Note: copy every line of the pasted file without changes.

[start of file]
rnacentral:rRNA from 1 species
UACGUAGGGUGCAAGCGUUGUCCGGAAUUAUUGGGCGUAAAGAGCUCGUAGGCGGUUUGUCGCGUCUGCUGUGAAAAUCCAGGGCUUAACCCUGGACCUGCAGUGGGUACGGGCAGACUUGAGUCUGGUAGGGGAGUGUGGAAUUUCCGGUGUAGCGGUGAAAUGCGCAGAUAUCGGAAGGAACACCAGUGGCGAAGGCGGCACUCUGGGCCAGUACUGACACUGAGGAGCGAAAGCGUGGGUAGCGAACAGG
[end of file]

rnacentral:rRNA from 1 species
UACGUAGGGUGCAAGCGUUGUCCGGAAUUAUUGGGCGUAAAGAGCUCGUAGGCGGUUUGUCGCGUCUGCUGUGAAAAUCCAGGGCUUAACCCUGGACCUGCAGUGGGUACGGGCAGACUUGAGUCUGGUAGGGGAGUGUGGAAUUUCCGGUGUAGCGGUGAAAUGCGCAGAUAUCGGAAGGAACACCAGUGGCGAAGGCGGCACUCUGGGCCAGUACUGACACUGAGGAGCGAAAGCGUGGGUAGCGAACAGG